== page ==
Should you replace your roof with solar shingles?
We are an independent, advertising-supported comparison service. Our goal is to help you make smarter financial decisions by providing you with interactive tools and financial calculators, publishing original and objective content, by enabling you to conduct research and compare information for free. so that you can make financial decisions with confidence. Bankrate has partnerships with issuers including, but not limited to, American Express, Bank of America, Capital One, Chase, Citi and Discover.
How We Make Money
The offers that appear on this site are from companies that compensate us. This compensation may impact how and where products appear on this site, including, for example, the order in which they may appear within the listing categories, except where prohibited by law for our mortgage, home equity and other home lending products. But this compensation does not influence the information we publish, or the reviews that you see on this site. We do not include the universe of companies or financial offers that may be available to you.
On This Page
Arrow Right Senior editor, Home Lending
Troy Segal is a senior editor for Bankrate. She edits stories about Homeownership in addition to stories about the finer points of mortgages and home equity loans.
The Bankrate promise
At Bankrate we strive to help you make smarter financial decisions. While we adhere to strict editorial integrity. this post may contain references to products from our partners. Here’s an explanation for how we make money.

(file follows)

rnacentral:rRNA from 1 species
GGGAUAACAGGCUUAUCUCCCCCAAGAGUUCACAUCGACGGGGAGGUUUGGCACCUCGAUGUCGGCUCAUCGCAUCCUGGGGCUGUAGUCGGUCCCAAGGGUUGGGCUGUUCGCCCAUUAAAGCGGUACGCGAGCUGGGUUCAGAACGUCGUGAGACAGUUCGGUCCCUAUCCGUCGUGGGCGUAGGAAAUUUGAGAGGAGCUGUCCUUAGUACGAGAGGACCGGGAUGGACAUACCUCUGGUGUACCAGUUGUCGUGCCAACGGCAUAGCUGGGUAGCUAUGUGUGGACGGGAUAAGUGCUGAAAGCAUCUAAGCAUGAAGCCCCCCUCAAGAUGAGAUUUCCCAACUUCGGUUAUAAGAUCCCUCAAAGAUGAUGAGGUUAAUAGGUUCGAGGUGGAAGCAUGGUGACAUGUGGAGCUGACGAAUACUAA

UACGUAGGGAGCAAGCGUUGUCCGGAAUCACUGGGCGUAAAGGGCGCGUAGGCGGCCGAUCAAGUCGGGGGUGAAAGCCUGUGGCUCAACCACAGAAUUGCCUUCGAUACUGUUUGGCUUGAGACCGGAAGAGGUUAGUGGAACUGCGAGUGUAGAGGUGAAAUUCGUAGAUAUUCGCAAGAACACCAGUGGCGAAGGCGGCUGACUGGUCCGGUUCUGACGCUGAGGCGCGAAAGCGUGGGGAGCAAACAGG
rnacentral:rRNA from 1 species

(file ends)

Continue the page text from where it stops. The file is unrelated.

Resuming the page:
The Bankrate promise
Founded in 1976, Bankrate has a long track record of helping people make Smart financial choices. We’ve maintained this reputation for over four decades by demystifying the financial decision-making process and giving people confidence in which actions to take next.
Bankrate follows a strict editorial policy, so you can trust that we’re putting your interests first. All of our content is authored by highly qualified professionals and edited by subject matter experts, who ensure everything we publish is objective, accurate and trustworthy.
Our banking reporters and editors FOCUS on the points consumers care about most — the best banks, latest rates, different types of accounts, money-saving tips and more — so you can feel confident as you’re managing your money.
Bankrate follows a strict editorial policy, so you can trust that we’re putting your interests first. Our award-winning editors and reporters create honest and accurate content to help you make the right financial decisions.
We value your trust. Our mission is to provide readers with accurate and unbiased information, and we have editorial standards in place to ensure that happens. Our editors and reporters thoroughly fact-check editorial content to ensure the information you’re reading is accurate. We maintain a firewall between our advertisers and our editorial team. Our editorial team does not receive direct compensation from our advertisers.
Bankrate’s editorial team writes on behalf of YOU – the reader. Our goal is to give you the best advice to help you make Smart personal finance decisions. We follow strict guidelines to ensure that our editorial content is not influenced by advertisers. Our editorial team receives no direct compensation from advertisers, and our content is thoroughly fact-checked to ensure accuracy. So, whether you’re reading an article or a review, you can trust that you’re getting credible and dependable information.